Press release -
Northumbria University scores Knowledge Exchange award
Northumbria University and Mersey Care NHS Foundation Trust have won the ‘Knowledge Exchange Strategic Partnership’ award from PraxisAuril, a world-leading association for Knowledge Exchange practitioners.
Restorative Justice is an approach that works to replace a culture of blame and fear with a culture of trust, learning and accountability.
Together, Northumbria and Mersey Care are pioneering professional development courses on Restorative Just Learning Culture and developing and embedding new learning into organisational practice.
Their four-day accredited course teaches the theory behind Restorative Just Learning Culture and its application in complex organisations. The programme aims to benefit professionals and practitioners involved in the management and welfare of a range of stakeholders in any industry.
Dr Gosia Ciesielska, Associate Professor of Organisation Studies within Northumbria’s Newcastle Business School, who led on the project, said: “These days we talk a lot about sustainability in the context of production, consumption, or energy. This award recognises the importance of sustainable Human Resource Management and puts restorative justice as a central concept of progressive talent management.”
Improving workplace wellbeing and cutting business costs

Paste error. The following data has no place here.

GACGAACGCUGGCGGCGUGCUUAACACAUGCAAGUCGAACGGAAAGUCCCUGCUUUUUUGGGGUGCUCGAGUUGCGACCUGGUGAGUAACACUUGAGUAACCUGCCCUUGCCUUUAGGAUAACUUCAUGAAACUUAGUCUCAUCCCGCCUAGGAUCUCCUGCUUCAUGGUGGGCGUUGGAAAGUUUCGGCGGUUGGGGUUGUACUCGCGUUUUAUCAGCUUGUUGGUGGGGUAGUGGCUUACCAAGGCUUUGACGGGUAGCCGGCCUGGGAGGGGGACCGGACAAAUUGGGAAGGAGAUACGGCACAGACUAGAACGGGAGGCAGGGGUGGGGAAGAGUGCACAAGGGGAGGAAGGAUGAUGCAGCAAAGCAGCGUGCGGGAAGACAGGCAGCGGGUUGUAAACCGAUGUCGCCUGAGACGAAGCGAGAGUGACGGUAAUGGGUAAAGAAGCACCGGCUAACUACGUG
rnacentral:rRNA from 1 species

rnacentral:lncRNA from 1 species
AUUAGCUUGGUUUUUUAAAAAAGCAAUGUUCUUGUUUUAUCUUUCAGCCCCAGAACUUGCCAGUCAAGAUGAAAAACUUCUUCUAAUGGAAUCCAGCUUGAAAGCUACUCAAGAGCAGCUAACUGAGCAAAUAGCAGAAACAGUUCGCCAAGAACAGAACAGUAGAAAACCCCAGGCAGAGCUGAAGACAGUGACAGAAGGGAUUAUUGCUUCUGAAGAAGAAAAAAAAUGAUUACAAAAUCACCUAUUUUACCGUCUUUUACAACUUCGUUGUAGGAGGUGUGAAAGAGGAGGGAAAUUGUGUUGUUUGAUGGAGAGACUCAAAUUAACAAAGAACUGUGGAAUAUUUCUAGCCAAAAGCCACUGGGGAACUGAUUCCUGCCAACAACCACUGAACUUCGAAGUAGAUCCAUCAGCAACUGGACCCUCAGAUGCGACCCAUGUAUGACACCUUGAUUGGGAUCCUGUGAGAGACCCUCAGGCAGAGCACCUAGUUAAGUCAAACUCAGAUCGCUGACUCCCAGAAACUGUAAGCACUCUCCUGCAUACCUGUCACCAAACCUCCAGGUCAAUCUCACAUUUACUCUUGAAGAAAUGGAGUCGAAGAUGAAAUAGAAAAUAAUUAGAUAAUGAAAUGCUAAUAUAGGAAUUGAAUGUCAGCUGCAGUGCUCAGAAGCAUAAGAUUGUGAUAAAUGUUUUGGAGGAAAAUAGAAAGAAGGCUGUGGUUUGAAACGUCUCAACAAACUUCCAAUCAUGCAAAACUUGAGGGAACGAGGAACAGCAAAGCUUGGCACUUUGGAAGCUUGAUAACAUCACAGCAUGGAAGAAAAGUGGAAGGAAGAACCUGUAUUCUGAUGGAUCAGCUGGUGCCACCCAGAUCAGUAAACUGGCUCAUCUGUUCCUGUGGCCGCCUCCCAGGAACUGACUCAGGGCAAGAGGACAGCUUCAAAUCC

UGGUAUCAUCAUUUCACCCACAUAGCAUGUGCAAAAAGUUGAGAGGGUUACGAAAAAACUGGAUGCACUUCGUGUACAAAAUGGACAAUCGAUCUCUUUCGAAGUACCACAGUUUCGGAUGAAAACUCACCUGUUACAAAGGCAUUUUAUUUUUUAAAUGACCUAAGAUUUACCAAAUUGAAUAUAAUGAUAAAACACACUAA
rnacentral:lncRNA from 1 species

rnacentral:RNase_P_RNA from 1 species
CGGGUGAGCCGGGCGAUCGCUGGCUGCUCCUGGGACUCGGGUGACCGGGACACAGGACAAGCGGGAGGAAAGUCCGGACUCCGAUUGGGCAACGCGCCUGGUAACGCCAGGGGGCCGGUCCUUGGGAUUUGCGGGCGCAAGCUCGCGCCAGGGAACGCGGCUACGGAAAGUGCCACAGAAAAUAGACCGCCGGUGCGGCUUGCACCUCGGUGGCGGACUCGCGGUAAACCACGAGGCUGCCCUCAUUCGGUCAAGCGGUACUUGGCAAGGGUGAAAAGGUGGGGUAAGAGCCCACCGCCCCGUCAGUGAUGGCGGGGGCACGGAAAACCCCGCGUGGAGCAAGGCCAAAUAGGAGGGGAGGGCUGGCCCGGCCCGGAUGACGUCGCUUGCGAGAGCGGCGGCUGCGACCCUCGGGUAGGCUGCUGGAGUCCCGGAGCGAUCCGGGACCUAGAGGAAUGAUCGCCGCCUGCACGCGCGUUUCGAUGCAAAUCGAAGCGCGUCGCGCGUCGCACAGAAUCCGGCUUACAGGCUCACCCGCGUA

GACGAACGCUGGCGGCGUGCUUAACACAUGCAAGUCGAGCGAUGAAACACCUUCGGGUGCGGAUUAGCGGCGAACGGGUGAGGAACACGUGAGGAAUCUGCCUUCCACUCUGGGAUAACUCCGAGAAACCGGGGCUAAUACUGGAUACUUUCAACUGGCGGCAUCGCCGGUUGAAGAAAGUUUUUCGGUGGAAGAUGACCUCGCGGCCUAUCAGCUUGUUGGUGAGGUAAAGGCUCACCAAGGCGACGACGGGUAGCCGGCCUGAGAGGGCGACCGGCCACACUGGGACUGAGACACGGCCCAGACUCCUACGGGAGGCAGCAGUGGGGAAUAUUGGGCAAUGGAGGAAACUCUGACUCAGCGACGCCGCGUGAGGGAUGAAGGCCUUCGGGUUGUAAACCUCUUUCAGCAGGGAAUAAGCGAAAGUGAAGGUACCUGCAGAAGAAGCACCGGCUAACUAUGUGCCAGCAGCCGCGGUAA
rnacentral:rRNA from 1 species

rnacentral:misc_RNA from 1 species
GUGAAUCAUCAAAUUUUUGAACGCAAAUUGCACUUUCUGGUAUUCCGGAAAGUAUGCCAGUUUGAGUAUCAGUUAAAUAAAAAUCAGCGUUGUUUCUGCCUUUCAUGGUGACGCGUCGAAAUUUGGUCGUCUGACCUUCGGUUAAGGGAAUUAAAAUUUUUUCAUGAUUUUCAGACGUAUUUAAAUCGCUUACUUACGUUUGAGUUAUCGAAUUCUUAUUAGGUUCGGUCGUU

A 2019 NHS Patient Safety Strategy highlighted the cost to patient safety resulting from healthcare teams that do not feel supported to carry out patient care, estimating 11,000 lives go unsaved, a further £1 billion is spent on treatment following unnecessary incidents, whilst bullying and harassment costs £2 billion per annum.
Northumbria University and Mersey Care’s Principles and Practice of Restorative Just Culture course teaches learners and equips organisations with strategies to manage these issues in a restorative way that minimises the negative impacts, maximises learning and develops an organisational culture where people feel safe.
Such has been the success of the course that the UK’s ZeroSuicide Alliance is utilising it to help facilitate the work they are doing to prevent suicide in the UK and beyond.
Amanda Oates, Executive Director of Workforce at Mersey Care, said: “Mersey Care has led a major change in culture, not only in our own services, but across the NHS. We’re delighted to partner Northumbria on this and welcome this award in recognition of our joint working. What makes me, as Chief People Officer, even more proud, is that together we’re improving lives and supporting people at challenging times”.
The power of partnerships
By working collaboratively with other organisations universities can play a powerful and strategic role in improving lives.
The PraxisAuril Knowledge Exchange (KE) Awards celebrate the people who help to initiate and deliver impact from research through a diverse range of activities.
The KE Strategic Partnership award recognises the success of an external partnership which demonstrates the value of collaboration.
The awards are supported by UK Research and Innovation (UKRI) and work with Government Office for Technology Transfer (GOTT), the TenU, the National Centre for Universities and Business (NCUB) and SETsquared to increase support and publicity for the important and impactful achievements of the KE profession.
For more information about the Principles and Practice of Restorative Just Culture course and upcoming dates, visit www.northumbria.ac.uk/restorative-just-culture.